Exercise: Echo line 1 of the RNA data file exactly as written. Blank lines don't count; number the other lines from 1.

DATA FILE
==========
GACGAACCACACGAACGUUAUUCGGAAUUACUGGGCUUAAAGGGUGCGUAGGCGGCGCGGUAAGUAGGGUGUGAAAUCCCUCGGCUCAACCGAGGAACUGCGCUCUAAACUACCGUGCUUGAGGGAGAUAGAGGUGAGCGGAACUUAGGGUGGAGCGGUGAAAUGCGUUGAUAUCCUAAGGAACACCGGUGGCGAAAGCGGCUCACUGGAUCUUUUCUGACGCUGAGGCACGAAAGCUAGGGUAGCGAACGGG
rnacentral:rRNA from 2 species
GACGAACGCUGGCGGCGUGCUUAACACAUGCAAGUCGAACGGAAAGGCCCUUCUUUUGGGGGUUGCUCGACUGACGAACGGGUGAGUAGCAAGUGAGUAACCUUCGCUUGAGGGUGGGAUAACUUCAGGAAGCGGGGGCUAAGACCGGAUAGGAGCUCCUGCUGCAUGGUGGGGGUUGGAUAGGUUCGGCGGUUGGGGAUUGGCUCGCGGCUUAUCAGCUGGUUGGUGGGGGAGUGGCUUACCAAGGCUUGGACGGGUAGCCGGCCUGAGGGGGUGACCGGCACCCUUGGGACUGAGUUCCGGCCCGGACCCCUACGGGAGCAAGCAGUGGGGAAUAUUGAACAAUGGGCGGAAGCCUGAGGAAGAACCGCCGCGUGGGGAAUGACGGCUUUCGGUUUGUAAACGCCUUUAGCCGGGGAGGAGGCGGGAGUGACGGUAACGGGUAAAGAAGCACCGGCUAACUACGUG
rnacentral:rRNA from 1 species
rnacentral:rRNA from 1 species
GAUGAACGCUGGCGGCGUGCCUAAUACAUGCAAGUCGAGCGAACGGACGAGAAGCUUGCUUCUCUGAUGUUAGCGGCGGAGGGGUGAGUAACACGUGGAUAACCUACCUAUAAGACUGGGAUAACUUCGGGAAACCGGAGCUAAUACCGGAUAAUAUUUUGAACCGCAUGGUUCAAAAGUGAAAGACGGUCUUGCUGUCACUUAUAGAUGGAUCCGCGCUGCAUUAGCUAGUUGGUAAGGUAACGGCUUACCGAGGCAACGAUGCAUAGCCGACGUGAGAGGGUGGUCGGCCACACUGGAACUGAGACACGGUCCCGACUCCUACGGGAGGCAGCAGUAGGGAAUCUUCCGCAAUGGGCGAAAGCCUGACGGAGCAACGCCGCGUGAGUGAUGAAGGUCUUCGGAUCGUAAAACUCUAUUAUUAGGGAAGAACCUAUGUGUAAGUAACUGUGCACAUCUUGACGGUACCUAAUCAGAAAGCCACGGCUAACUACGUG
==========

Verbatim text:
GACGAACCACACGAACGUUAUUCGGAAUUACUGGGCUUAAAGGGUGCGUAGGCGGCGCGGUAAGUAGGGUGUGAAAUCCCUCGGCUCAACCGAGGAACUGCGCUCUAAACUACCGUGCUUGAGGGAGAUAGAGGUGAGCGGAACUUAGGGUGGAGCGGUGAAAUGCGUUGAUAUCCUAAGGAACACCGGUGGCGAAAGCGGCUCACUGGAUCUUUUCUGACGCUGAGGCACGAAAGCUAGGGUAGCGAACGGG